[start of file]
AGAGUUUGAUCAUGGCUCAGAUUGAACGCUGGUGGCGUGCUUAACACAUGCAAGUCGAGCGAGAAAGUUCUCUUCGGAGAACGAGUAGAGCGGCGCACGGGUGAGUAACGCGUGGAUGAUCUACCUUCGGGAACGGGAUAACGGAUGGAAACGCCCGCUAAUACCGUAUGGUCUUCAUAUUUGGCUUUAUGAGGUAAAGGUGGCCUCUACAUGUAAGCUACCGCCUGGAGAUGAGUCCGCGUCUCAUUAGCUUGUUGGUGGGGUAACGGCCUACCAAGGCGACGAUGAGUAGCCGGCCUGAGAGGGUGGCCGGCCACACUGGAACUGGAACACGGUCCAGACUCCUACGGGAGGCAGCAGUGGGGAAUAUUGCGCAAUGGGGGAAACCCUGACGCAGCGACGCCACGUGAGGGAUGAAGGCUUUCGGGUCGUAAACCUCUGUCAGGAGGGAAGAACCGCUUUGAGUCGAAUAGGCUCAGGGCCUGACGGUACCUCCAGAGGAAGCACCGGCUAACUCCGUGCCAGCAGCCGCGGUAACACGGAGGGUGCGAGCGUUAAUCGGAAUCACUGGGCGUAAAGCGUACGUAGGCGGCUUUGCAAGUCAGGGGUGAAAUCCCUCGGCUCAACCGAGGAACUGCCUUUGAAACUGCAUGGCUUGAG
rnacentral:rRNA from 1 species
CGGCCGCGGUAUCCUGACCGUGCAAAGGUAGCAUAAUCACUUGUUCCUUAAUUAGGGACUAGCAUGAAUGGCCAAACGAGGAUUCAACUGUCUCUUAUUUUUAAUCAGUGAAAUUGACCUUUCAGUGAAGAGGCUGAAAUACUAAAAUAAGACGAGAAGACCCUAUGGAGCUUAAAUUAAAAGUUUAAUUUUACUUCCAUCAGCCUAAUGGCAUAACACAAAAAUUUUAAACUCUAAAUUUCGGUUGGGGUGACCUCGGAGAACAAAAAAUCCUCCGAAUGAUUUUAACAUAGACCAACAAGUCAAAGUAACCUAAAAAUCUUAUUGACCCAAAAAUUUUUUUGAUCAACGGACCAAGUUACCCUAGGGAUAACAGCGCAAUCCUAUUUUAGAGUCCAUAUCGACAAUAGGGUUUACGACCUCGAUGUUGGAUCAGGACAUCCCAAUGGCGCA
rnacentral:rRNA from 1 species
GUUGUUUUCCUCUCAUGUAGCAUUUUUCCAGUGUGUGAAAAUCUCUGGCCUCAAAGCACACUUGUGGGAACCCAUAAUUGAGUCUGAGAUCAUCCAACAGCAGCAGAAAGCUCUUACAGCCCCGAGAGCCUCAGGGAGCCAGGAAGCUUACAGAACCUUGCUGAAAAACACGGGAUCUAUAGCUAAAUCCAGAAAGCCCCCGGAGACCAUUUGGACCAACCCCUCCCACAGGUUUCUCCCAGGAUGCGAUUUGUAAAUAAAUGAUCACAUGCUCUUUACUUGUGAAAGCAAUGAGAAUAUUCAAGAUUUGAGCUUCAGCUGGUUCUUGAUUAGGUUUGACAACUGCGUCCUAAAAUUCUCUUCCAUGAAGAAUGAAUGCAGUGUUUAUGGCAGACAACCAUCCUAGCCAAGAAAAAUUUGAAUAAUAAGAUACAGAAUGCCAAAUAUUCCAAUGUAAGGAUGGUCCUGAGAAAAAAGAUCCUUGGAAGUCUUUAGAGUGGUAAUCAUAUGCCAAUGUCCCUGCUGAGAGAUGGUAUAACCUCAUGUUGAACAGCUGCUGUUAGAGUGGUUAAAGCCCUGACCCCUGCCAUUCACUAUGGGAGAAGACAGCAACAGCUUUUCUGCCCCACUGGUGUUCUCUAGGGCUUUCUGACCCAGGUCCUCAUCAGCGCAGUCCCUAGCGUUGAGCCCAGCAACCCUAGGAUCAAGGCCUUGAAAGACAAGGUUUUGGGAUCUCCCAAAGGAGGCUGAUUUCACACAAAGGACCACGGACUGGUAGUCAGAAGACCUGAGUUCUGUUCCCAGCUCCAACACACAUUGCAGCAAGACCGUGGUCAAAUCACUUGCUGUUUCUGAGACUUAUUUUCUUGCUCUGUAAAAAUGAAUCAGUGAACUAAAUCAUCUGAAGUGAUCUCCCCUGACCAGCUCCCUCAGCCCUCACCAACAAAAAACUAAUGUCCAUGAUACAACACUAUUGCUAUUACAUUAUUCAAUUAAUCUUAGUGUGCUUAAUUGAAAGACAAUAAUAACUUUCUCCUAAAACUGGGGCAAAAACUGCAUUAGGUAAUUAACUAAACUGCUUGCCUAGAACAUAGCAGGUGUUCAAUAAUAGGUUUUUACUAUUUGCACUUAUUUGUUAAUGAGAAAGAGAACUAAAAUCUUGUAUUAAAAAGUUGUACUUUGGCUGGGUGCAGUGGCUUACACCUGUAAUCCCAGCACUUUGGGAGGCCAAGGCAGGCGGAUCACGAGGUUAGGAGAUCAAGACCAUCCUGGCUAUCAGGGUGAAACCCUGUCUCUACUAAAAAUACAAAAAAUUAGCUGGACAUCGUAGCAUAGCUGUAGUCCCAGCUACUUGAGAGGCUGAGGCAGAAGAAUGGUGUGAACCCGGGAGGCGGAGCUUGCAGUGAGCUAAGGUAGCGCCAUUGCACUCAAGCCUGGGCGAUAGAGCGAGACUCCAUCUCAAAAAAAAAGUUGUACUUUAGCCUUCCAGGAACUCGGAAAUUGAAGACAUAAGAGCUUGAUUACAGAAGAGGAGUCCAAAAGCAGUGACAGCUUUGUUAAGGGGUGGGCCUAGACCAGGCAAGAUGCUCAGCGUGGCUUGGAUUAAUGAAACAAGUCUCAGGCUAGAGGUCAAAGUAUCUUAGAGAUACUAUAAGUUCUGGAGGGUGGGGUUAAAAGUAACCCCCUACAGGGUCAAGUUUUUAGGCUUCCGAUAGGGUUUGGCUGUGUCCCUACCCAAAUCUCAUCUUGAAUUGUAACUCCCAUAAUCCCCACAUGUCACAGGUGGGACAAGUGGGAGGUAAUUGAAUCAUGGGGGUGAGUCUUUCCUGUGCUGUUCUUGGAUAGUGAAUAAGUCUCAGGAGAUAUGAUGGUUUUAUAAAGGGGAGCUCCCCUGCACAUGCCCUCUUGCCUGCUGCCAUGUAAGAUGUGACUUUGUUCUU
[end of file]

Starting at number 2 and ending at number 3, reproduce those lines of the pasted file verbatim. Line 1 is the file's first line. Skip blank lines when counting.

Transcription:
rnacentral:rRNA from 1 species
CGGCCGCGGUAUCCUGACCGUGCAAAGGUAGCAUAAUCACUUGUUCCUUAAUUAGGGACUAGCAUGAAUGGCCAAACGAGGAUUCAACUGUCUCUUAUUUUUAAUCAGUGAAAUUGACCUUUCAGUGAAGAGGCUGAAAUACUAAAAUAAGACGAGAAGACCCUAUGGAGCUUAAAUUAAAAGUUUAAUUUUACUUCCAUCAGCCUAAUGGCAUAACACAAAAAUUUUAAACUCUAAAUUUCGGUUGGGGUGACCUCGGAGAACAAAAAAUCCUCCGAAUGAUUUUAACAUAGACCAACAAGUCAAAGUAACCUAAAAAUCUUAUUGACCCAAAAAUUUUUUUGAUCAACGGACCAAGUUACCCUAGGGAUAACAGCGCAAUCCUAUUUUAGAGUCCAUAUCGACAAUAGGGUUUACGACCUCGAUGUUGGAUCAGGACAUCCCAAUGGCGCA